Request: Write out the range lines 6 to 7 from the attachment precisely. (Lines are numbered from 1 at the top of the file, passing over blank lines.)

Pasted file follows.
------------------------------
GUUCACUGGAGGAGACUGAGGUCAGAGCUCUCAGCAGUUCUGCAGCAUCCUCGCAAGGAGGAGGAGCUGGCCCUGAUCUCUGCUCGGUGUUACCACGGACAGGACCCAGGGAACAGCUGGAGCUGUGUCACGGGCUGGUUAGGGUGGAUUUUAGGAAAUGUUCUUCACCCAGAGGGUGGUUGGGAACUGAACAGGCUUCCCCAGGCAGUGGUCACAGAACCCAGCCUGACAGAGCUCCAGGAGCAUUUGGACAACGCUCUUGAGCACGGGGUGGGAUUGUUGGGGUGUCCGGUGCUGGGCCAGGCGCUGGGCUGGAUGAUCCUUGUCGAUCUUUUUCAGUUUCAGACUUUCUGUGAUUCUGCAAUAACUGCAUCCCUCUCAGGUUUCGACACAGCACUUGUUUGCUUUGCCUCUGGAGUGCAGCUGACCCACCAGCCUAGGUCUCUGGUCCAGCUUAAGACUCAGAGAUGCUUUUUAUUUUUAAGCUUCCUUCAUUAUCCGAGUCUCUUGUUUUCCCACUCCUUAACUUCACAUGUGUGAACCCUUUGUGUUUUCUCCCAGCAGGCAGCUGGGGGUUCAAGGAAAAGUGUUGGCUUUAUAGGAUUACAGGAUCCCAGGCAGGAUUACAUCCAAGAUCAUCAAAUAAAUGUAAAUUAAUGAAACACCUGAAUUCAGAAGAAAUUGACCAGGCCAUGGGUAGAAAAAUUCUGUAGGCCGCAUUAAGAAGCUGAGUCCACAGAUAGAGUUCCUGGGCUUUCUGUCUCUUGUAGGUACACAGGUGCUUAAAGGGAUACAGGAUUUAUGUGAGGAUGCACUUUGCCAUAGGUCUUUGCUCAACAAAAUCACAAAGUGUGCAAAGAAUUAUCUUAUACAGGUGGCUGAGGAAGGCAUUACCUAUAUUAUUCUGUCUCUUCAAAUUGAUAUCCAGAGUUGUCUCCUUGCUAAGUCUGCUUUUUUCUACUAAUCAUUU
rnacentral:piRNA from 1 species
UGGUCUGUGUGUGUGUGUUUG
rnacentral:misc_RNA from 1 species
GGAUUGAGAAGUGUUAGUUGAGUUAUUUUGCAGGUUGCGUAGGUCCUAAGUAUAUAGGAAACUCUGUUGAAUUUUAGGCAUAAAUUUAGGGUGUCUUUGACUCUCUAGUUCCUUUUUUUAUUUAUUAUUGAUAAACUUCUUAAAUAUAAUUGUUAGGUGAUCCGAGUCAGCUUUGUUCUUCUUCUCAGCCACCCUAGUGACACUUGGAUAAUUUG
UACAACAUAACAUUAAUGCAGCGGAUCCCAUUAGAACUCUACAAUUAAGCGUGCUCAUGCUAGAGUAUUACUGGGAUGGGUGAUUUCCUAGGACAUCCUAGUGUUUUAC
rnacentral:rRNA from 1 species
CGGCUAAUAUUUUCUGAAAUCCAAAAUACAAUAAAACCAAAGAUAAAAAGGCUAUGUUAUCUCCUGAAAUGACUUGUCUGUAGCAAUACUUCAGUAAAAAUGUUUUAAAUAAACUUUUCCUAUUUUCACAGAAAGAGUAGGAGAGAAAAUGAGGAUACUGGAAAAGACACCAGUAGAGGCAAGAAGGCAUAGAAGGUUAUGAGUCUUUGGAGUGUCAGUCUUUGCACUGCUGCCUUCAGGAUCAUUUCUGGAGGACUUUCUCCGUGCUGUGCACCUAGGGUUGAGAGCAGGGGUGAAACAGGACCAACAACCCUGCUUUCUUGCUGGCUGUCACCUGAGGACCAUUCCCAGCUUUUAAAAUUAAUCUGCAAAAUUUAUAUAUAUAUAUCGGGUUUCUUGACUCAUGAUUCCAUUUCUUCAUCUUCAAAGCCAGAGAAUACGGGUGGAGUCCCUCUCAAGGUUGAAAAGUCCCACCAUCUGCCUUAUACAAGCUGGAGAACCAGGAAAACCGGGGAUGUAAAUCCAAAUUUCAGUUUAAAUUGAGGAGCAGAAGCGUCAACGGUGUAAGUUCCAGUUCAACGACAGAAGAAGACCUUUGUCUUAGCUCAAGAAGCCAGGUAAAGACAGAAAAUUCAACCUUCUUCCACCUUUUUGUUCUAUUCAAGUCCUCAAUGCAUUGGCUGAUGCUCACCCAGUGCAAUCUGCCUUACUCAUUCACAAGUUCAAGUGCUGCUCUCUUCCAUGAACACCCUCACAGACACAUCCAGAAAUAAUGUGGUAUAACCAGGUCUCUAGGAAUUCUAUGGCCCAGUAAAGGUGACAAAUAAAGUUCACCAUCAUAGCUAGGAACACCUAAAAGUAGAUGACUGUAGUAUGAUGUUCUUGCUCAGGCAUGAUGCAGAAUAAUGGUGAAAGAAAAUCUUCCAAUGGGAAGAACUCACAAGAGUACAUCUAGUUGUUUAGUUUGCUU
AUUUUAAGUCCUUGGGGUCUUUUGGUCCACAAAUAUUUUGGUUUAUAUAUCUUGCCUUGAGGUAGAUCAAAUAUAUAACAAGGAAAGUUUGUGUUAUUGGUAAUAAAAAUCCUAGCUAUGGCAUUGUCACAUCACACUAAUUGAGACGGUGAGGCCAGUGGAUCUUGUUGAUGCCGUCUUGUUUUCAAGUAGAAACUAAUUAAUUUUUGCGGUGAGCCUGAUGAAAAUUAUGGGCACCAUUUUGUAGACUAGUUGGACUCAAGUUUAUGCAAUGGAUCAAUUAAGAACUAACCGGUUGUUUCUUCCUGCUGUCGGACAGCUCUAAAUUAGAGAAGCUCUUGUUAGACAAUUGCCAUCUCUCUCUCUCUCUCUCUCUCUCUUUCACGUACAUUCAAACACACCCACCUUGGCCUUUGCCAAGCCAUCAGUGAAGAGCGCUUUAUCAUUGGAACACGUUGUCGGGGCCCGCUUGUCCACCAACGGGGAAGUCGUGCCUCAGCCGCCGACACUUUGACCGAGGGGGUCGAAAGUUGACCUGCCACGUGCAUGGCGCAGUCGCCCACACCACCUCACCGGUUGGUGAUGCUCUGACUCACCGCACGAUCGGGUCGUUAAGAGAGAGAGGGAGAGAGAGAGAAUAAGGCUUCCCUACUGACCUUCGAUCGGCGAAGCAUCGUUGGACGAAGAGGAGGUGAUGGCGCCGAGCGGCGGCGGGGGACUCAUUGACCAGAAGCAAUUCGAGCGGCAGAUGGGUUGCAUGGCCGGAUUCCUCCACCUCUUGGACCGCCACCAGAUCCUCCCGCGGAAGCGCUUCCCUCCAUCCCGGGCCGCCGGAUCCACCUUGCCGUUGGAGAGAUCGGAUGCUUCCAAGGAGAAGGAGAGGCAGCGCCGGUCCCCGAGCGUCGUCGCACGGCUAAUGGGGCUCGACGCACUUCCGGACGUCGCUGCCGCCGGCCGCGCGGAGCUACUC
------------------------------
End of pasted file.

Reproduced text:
UACAACAUAACAUUAAUGCAGCGGAUCCCAUUAGAACUCUACAAUUAAGCGUGCUCAUGCUAGAGUAUUACUGGGAUGGGUGAUUUCCUAGGACAUCCUAGUGUUUUAC
rnacentral:rRNA from 1 species